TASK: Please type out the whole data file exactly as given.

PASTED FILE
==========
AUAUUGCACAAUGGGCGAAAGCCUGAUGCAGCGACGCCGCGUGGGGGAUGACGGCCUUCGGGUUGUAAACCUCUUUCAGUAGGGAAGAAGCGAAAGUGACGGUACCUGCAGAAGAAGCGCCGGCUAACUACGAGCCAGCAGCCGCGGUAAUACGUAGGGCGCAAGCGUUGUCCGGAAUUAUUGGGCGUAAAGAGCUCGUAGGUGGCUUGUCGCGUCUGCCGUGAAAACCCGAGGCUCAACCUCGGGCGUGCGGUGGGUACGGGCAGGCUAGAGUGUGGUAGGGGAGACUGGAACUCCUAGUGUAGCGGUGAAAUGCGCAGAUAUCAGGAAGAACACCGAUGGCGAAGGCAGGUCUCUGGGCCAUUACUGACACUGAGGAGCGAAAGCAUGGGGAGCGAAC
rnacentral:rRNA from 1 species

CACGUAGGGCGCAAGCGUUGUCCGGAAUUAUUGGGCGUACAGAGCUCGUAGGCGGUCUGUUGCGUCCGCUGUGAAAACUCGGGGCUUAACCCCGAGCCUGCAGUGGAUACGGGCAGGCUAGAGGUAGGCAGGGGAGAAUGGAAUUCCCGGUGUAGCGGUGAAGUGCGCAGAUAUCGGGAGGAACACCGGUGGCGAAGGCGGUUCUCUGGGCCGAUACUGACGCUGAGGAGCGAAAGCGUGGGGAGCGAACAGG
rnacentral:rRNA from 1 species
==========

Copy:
AUAUUGCACAAUGGGCGAAAGCCUGAUGCAGCGACGCCGCGUGGGGGAUGACGGCCUUCGGGUUGUAAACCUCUUUCAGUAGGGAAGAAGCGAAAGUGACGGUACCUGCAGAAGAAGCGCCGGCUAACUACGAGCCAGCAGCCGCGGUAAUACGUAGGGCGCAAGCGUUGUCCGGAAUUAUUGGGCGUAAAGAGCUCGUAGGUGGCUUGUCGCGUCUGCCGUGAAAACCCGAGGCUCAACCUCGGGCGUGCGGUGGGUACGGGCAGGCUAGAGUGUGGUAGGGGAGACUGGAACUCCUAGUGUAGCGGUGAAAUGCGCAGAUAUCAGGAAGAACACCGAUGGCGAAGGCAGGUCUCUGGGCCAUUACUGACACUGAGGAGCGAAAGCAUGGGGAGCGAAC
rnacentral:rRNA from 1 species

CACGUAGGGCGCAAGCGUUGUCCGGAAUUAUUGGGCGUACAGAGCUCGUAGGCGGUCUGUUGCGUCCGCUGUGAAAACUCGGGGCUUAACCCCGAGCCUGCAGUGGAUACGGGCAGGCUAGAGGUAGGCAGGGGAGAAUGGAAUUCCCGGUGUAGCGGUGAAGUGCGCAGAUAUCGGGAGGAACACCGGUGGCGAAGGCGGUUCUCUGGGCCGAUACUGACGCUGAGGAGCGAAAGCGUGGGGAGCGAACAGG
rnacentral:rRNA from 1 species